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Abhishek_Jain31 asked

How a DBA can perform Database maintainance activities with restricted access to DATA?

Hi All, Could you please help me to find a possible solution for - "How we can perform the below DBA Related activities **without having an access to user data in database**", 1. User Management. 2. Priviliges Management 3. Tablespace Management (Oracle) 4. Export Operation (Expdp/Impdp) 5. Manage Roles P.S. Client do not want DBA to View Data (not at all) Regards, Abhishek
sqloracledbaexport-datamaintenance
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Hi, may i know what kind of restrictions you want for database?? Thanks Sumit Rana
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SumitRana answered
You can give DB role to user: Public, db_denydatareader and db_denydatawriter.
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Check out the answers to the page that @ThomasRushton linked to. @TimothyAWiseman and I put on an insider threat clinic there... Denying datareader and datawriter might be enough to click the compliance checkbox, but they won't do a thing against a willfully malicious DBA. It goes back to Timothy's point: if you can't trust your DBA (or if regulations make it impossible), get a new DBA.
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TimothyAWiseman answered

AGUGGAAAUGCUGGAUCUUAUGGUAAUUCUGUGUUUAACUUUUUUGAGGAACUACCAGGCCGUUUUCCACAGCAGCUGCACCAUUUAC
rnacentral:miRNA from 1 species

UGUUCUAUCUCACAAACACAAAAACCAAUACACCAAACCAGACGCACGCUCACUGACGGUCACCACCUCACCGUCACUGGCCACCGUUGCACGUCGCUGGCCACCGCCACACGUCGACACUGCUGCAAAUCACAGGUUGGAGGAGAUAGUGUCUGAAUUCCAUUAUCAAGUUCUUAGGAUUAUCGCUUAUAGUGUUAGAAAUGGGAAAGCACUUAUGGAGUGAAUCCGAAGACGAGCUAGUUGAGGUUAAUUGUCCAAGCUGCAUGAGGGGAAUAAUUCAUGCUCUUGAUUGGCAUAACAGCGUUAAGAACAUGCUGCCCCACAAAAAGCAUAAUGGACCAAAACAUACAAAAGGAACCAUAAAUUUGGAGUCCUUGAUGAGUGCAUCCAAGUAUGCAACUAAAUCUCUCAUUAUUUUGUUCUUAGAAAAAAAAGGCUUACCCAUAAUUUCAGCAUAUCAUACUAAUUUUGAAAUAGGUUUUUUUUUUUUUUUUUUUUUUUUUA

Are you asking how to restrict the DBA or how a properly restricted DBA can do his job? **How to restrict the DBA** If you are asking how to restrict the DBA then I join the Thomas and Kevin in suggesting you look at [ http://ask.sqlservercentral.com/questions/95308/how-to-restrict-dba-from-readwrite-but-still-can-p.html][1] @KevinFeasel 's answer there is **really** good and I added my two cents below his. My answer in particular was focused on SQL Server rather than Oracle, but the concepts at least are similar. **How a restricted DBA can work** Now, if you are asking how a DBA who has been successfully restricted can do his job, then the answer is dependent on which part of a traditional DBA job we are talking about, but certain parts can be done without knowledge of the structure much less the actual data, other parts require knowledge of the structure but can be done without peeking at the data, and other parts of the job become harder or impossible. On your specific list #1, 2, and 5 (user management) can all be done without looking at the data. The problem is that giving someone the ability to do #1, 2, and 5 also gives them the ability to get around most restrictions you could put on them...(Not all restrictions. As in my other answer, there are still some ways to limit a DBA, but someone with user management priveleges can get around anything based on top of permissions) No. 3, managing data by its nature requires knowledge of the structure of the data, but it does not strictly require knowledge of the data itself. Of course, knowledge of the data itself can help at times, especially if you ask the DBA to predict what indexes will be needed before profiler data is available or ask him to help troubleshoot a failing operation. In general, No. 4, exporting data requires the DBA to have access to it (even if he doesn't actually look). It would in principle be possible to set up a process that uses end-to-end encryption to create an encrypted exported file without the person making the file ever having access, but by that point you've reduced it to a Push-Button process and there's no need for a DBA in the loop. [1]: http://ask.sqlservercentral.com/questions/95308/how-to-restrict-dba-from-readwrite-but-still-can-p.html
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